Publication: An Approach to the Food Habits of Three Communities in Timor-Leste
Full text at PDC
Advisors (or tutors)
Care International Timor-Leste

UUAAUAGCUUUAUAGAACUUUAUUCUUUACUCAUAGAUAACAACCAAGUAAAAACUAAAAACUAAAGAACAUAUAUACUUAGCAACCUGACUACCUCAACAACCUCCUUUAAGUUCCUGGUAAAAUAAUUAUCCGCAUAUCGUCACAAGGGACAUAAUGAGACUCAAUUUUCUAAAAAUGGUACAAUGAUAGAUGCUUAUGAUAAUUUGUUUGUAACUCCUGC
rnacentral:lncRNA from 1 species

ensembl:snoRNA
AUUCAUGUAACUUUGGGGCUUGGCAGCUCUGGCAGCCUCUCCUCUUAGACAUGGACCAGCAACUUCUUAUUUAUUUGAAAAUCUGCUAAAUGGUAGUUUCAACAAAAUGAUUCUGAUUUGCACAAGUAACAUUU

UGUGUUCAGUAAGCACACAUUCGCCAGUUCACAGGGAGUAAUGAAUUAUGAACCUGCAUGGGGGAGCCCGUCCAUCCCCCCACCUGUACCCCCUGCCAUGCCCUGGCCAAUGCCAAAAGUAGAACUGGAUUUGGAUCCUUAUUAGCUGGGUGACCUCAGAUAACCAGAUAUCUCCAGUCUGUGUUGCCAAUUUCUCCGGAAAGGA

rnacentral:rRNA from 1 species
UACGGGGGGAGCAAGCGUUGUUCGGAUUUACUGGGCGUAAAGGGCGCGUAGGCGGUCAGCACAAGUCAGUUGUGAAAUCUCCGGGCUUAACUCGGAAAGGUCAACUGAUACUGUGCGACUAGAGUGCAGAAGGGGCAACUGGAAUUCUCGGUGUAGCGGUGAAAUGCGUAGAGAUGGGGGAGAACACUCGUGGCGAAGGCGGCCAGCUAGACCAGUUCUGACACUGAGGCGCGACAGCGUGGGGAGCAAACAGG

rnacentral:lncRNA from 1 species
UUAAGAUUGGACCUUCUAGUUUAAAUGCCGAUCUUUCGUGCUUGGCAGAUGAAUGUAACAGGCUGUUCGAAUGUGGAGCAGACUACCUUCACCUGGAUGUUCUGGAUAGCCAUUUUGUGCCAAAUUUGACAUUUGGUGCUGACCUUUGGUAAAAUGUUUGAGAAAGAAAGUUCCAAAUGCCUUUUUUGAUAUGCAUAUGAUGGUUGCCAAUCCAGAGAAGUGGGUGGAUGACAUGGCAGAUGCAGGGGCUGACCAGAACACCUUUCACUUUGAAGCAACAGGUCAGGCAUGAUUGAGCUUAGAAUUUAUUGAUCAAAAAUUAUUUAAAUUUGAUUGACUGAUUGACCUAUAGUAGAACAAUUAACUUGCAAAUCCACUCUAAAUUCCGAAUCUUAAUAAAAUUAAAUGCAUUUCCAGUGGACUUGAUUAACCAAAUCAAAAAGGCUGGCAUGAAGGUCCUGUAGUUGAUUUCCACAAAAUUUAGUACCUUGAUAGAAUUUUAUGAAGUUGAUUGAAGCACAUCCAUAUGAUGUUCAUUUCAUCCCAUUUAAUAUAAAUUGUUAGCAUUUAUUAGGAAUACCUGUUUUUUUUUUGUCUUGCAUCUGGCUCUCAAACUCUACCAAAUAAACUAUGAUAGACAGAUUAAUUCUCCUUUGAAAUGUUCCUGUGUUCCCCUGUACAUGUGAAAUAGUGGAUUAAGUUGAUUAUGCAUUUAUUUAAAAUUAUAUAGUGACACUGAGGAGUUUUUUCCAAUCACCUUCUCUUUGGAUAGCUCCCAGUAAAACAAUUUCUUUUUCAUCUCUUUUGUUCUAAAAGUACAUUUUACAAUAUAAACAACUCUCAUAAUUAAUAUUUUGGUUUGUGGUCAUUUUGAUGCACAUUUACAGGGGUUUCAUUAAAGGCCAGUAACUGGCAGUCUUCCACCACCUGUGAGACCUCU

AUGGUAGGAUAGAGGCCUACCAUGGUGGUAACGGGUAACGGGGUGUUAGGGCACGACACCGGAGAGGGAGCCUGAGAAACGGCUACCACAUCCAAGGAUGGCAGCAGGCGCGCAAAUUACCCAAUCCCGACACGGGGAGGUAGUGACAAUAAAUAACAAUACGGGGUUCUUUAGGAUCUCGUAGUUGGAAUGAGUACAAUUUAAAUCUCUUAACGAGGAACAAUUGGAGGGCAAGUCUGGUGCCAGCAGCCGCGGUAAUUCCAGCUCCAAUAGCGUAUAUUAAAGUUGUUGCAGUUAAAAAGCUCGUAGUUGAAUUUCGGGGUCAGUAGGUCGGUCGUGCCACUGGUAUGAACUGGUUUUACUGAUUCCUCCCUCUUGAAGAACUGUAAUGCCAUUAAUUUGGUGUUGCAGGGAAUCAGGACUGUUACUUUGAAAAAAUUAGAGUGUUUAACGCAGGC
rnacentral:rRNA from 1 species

This report is the outcome of a 29 day consultancy with CARE International in Timor-Leste (CITL) for the food security and nutrition program, funded by Hadia Agricultura no Nutrisuan [Improving Agriculture and Nutrition] (HAN) and “Promoting Healthy Lives” (PROMISE). Since 2010, CITL has been implementing the EU funded HAN project in the districts of Ermera, Liquiçá and Bobonaro. These are considered to be the most food insecure districts in the country. HAN has been working with approximately 2,800 food-insecure households in order to address the inter-related issues of food availability, access, use, as well as resilience to natural disasters. Approaches have included interventions in agriculture and farming to improve productivity, facilitating people’s access to markets, development of financial services to generate income, improvement of dietary practices and health services, community based disaster management to improve better year round food security. In December 2012, the Norwegian-funded health program PROMISE was established to improve health and nutrition within the poorest households of Ermera and Liquiçá districts. PROMISE has been working with the HAN project to achieve the first Millennium Development Goal (MDG) by enhancing practices in the areas of maternal and child health, sanitation and hygiene, as well as improving production and daily consumption of nutritious food at the household level. CITL commissioned this consultancy which has the aim of uncovering social factors, traditional and cultural practices, behaviors and believes related to food use and consumption that might be affecting the nutritional status of the most vulnerable people in the area of study. The study was implemented in the CITL area of intervention, specifically in two sukus in Liquiçá district, Dato and Asumanu, and one in Ermera district in the suku of Malabe The study analyses some semantic aspects related to food; the valorization of food items and how food choices are based on them; local knowledge-based taxonomies (folk taxonomies) and the relationship between food belief systems. This analysis is predominantly drawn from key case studies that will be discussed in the following sections and allow the reader to get a glimpse of the extreme complexities surrounding food systems in Timor-Leste. This report will highlight the following culturally-linked themes governing food habits in Timor-Leste: social status is linked to food; there exists an underlying classificatory binary system: “hot”/”cold”, “hard”/“soft” which is related to human biology and social development and ultimately makes up an ethno-medical system; there are lineage-related taboos governing food choices, and finally, the regime of consuming animal meat during rituals drives food production.